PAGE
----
Pop culture obsessives writing for the pop culture obsessed.
Pop culture obsessives writing for the pop culture obsessed.
The Room: Old Sins
The Room: Old Sins
Screenshot: Fireproof Games

Every Friday, A.V. Club staffers kick off our weekly open thread for the discussion of gaming plans and recent gaming glories, but of course, the real action is down in the comments, where we invite you to answer our eternal question: What Are You Playing This Weekend?

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For as much as movie producers have driven themselves nuts over the years, trying to recreate the look and feel of video games in the real world—an endeavor that’s led to everything from Dennis Hopper in Jurassic cornrows to James Marsden cracking shit jokes with a digital hedgehog—the escape room people got it pretty much in one. Inspired by games like Myst—and, even more specifically, the Myst-ish single-room escape games that started popping up on the internet in the early 2000s—the rapidly growing industry intuitively grasped what Hollywood so frequently didn’t: That you can’t just cobble together a bunch of Koopa shell props, or toss a white hoodie on Michael Fassbender, and expect to call it a day. Video games have their own logic, one that has to be respected, even when (possibly even especially when) it doesn’t map very well onto the real world. Marry that love of abstract rules to the creation of an impossible or fantastical space, and you’re far closer to putting people inside a video game than the folks behind Hitman or Warcraft could ever hope to get.

As a consequence, the relationship between escape rooms and video games has gotten weirdly recursive over the last few years, a trend that the COVID-19 lockdowns have only exacerbated. With their physical doors shuttered, many escape room companies have taken their game design skills online, crafting (often shockingly high-quality) digital experiences that you and your Zoom buddies can play through from your own personal quarantine zones. At the same time, we now have digital titles like Nocturnal Games’ The Escaper, which aim to explicitly recreate the feeling of paying $40 to spin combination locks in an office rental space that’s been converted into an evil lab/Victorian sitting room/old-school video game arcade/etc. And that’s to say nothing of the whole side industry of escape-rooms-in-a-box, which can vary widely in how strong an experience they give you and your family as you huddle around the dinner table, spinning codewheels and arguing about when it’s time to check the hints.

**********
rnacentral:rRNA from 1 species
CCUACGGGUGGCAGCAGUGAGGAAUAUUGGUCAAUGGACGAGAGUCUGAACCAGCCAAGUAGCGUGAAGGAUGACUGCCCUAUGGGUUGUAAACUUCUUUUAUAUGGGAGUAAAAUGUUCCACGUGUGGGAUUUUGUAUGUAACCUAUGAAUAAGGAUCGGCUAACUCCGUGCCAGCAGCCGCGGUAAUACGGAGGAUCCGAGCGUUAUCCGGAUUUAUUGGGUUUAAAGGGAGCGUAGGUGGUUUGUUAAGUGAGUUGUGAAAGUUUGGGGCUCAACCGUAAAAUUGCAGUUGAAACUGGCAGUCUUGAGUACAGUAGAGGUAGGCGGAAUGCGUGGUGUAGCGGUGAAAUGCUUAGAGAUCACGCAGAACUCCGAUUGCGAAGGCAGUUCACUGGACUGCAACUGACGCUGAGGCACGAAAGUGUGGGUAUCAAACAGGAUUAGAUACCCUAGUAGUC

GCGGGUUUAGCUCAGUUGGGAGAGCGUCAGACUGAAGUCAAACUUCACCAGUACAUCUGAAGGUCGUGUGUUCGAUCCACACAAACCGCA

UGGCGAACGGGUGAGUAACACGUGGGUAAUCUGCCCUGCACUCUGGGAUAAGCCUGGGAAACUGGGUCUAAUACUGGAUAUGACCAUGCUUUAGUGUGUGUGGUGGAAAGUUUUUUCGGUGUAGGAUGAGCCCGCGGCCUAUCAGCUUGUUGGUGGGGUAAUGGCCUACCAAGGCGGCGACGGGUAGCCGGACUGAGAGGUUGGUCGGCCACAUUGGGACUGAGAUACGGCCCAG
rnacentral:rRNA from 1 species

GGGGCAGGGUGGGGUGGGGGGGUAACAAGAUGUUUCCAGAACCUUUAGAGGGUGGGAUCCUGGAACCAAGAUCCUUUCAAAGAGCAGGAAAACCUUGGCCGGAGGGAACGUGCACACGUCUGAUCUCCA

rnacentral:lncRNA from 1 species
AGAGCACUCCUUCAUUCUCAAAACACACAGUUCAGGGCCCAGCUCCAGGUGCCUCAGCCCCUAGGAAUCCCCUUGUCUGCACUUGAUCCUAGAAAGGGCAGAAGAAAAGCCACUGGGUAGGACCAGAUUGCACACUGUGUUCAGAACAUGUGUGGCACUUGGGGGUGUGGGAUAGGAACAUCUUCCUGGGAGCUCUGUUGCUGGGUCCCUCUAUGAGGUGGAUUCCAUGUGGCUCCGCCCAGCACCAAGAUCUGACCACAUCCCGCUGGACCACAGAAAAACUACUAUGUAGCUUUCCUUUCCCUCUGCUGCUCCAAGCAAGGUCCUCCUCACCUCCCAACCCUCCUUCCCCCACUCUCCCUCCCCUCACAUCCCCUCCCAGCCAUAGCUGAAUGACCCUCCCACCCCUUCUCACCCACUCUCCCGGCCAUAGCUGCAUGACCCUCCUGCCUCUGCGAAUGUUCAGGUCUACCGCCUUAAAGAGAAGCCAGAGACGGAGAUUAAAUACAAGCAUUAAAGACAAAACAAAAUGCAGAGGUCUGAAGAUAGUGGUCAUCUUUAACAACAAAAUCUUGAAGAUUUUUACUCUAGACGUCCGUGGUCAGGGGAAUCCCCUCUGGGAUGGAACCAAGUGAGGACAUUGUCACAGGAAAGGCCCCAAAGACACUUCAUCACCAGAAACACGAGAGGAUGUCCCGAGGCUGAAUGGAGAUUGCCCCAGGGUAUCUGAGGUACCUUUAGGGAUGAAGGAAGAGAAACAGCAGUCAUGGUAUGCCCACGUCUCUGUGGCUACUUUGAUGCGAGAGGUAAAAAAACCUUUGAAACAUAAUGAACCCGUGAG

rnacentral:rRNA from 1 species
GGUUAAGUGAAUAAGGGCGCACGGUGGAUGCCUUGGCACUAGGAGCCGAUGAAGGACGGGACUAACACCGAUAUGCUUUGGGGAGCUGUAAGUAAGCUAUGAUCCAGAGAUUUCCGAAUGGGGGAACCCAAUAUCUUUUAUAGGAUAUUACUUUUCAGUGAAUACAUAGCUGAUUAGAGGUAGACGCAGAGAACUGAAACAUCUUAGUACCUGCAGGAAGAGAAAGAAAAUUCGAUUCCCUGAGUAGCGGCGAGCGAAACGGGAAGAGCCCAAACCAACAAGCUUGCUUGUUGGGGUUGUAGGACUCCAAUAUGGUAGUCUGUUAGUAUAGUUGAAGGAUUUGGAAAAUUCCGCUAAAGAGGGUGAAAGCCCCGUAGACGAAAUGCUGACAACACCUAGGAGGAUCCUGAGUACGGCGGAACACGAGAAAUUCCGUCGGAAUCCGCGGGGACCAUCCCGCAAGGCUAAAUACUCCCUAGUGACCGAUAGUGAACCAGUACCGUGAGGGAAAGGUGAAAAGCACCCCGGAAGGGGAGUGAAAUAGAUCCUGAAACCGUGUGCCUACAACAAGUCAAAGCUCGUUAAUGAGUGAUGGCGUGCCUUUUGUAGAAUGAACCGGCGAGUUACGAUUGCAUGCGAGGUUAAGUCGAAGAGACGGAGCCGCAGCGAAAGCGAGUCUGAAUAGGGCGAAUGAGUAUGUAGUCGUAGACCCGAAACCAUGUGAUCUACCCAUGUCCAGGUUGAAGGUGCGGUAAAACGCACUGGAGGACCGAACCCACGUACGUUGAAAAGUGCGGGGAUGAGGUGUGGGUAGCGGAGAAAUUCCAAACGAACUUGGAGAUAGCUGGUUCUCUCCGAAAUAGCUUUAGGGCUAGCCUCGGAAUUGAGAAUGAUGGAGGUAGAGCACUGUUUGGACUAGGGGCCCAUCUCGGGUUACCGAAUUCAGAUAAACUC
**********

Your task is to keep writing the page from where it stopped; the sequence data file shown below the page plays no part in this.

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And yet, for all these efforts, there’s still one series of digital escape rooms that take the brass ring when it comes to getting that all-important feeling of strange logic in strange places right—and then promptly take that brass ring, attach it to some massive mechanical monstrosity, and ask you to fiddle with it until the whole thing goes satisfyingly “Click!” We’re talking, of course, about Fireproof Games’ The Room series—still the best prospect going to get that all-important “Does this makes sense?” “I think this makes sense.” “This absolutely makes sense” sensation running through the back of your brain. That includes the series’ latest game, The Room VR: A Dark Matter, which took the franchise’s long-running obsession with flipping switches, turning knobs, and (occasionally) wrestling with dark magicks to its wonderfully illogical extreme.

Even if you don’t want to shell out for VR, though, there are still four other Room games out there waiting for you, each filled with fantastical contraptions hoping to lure you in. (Sometimes literally, since the games have a running theme of the player being pulled deep within various clockwork devices.) What makes the games—all available for a song on iOS or Android, by the by—different from their contemporaries (including many of the offerings from actual escape room companies), is their tactile, physical nature. Centered on a wide variety of strange, beautiful devices, the games luxuriate in every moving piece, every click of a button or snap of a latch. Even when they’re clearly impossible—like the Game Of Thrones-intro-esque city model that makes up most of the second chapter of The Room Three, or the elaborate doll house that occupies most of your time in the fourth game, Old Sins—they still have an internal logic, and a beauty and presence that so many games of this ilk lack. (One of the reasons The Room VR is so satisfying is that the motion controllers allow you to physically reach out to slide every slide and flick every switch.)

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The best video games—and escape rooms, for that matter—create spaces that feel like they couldn’t exist in the real world, liminal realities where you can trick your brain into believing that a different set of rules might possibly apply. Escapism, in addition to escaping. The Room games might occasionally feint toward horror—spooky tendrils abound. But in their devotion to the forging of beautiful, haunted objects, they serve as clockwork engines in the service of creating wonder. It’s something that few of their contemporaries, real or otherwise, have even come close to matching.

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